Orriiiight! Rima is busy baking; so since her one-eyed bandit is at home I will be posting something today. But this posting involves plenty of Rima-input.
Macarons. I-say-maaan.... those melt-in your mouth confectioneries with rich chocolate or salted caramel fillings.. Just as good as Se.....listening to classical music. There are many tips on the internet but most of them are for dryer northern or southern climates. Not our humid equatorial climate.
So I will certainly duplicate some of the known tips, but Rima has some "local" tips that may help in your macaron-making escapade...
1) Weigh everything - digitally. Many Asian recipes are quite forgiving. And so are the simple desert recipes. But when it comes to macarons, the ratio of eggs, sugar, almond powder is really important. If you don't have a digital scale and still rely on an analogue one, get one. For example HERE or HERE. (Free marketing)
2) When you see pimples on top of a macaron, they are caused by almond that was not ground fine enough. Also, almond "chunks" weigh down the macaron shell - so they will not rise. Make sure your almond is ground finely and if not, put it into a food processor.
3) Amount of sugar. In my opinion, if you want less sweet - then don't bake. But anyway - You can do less sweet in other deserts, but doing less sweet on a macaron will cause its stability to weaken as you will not get a full meringue.
4) Meringue: Make sure your bowl is tip top clean. And absolutely no oil or butter in it from your previous bake. The slightest bit of grease in your bowl and the egg white will not foam. Mix your egg whites well until soft peaks form. MEANING: when you pull out your whisk, the meringue will follow and after that not topple.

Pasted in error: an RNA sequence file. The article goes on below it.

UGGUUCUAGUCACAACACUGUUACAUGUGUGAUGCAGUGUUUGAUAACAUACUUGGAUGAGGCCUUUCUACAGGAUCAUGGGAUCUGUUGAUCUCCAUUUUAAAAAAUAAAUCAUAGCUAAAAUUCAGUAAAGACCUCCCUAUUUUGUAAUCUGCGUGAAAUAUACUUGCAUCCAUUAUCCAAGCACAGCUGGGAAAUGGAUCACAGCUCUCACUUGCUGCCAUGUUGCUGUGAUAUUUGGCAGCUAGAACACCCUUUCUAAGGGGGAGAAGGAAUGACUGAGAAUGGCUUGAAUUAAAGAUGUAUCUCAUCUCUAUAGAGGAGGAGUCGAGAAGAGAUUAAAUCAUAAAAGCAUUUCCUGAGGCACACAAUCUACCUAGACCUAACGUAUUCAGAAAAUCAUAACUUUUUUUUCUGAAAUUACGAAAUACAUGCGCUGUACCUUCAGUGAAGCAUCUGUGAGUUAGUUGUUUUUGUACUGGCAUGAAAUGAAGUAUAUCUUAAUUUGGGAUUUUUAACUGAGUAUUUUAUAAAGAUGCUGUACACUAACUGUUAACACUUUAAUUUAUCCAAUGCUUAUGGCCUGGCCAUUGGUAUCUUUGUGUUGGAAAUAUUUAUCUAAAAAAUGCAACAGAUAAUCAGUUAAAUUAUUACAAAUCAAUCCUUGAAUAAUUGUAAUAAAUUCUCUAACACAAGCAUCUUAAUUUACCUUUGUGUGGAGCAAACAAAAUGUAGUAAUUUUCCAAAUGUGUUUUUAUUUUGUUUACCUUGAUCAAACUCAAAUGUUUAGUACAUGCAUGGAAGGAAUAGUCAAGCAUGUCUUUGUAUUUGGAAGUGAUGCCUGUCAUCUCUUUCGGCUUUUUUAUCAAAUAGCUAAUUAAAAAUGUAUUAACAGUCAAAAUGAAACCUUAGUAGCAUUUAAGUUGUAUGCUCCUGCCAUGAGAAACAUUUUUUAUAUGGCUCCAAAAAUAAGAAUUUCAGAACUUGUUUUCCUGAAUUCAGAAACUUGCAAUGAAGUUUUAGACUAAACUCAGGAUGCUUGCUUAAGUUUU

5) The macaronage: Its important to mix everything thoroughly and not leave stray bits of meringue on the outer edges which you then later on end up piping onto the tray. The meringue batter behaves differently to the macaron mixture in the oven - so if you have some meringue mixture in there, it will most likely crack your macarons.
6) After piping your mixture, you will need to let any air escape and also let the macaron settle. You do this by tapping the tray 3 times - hard - on your counter. Forget this step and your macarons will not turn out well.
7) Let your macarons sit for awhile - and that while can be the big deal breaker. You need to let it sit until a skin forms on the macaron. Meaning: Touching the macaron mixture with your finger will not dirty your finger. In the tropics this can be tough to achieve due to the humidity. So the options are: a) When it is raining - don't do macarons. b) Let your macarons dry in an air conditioned room b) let them dry and prior to putting them in the oven, let them rest for 2 minutes on top of the open door of your oven.
8) Make sure you know how your oven works. Many ovens don't burn at the temperature we require. But they can be up to 20-30C off. So learn your oven and work with it prior to attempting macarons. Finally: switch off the fan in a fan forced oven if you can.
9) Make sure your macarons are well baked. If you don't bake them enough, the soft goo inside will stick to your mat and you will have hollow shells.
10) Macarons taste best when they are piped and then left in the fridge for at least 24 hours. When you are ready, take them out of the fridge and they are good to eat after about 10minutes.
11) So how should the macaron actually look/feel like texture wise. It is not a biscuit - so its not crunchy. It has a crunchy shell and a semi-hard-goo inside.
12) So why can't they be posted? Because they are too fragile. Only the outer shell is crunchy; so if you post them the movement will almost certainly crush the macarons.
Anyway, good fillings generally need to be refrigerated. Courier services and postal services cannot give you a chilled environment - so the only way to have macarons is either in a shop, self collected and then you have to refrigerate them quickly or delivered in a chilled bag.
...and just before posting I was bloghopping and chanced upon Liyanah's blog Baking Abode on her first Macaron try. Well done!!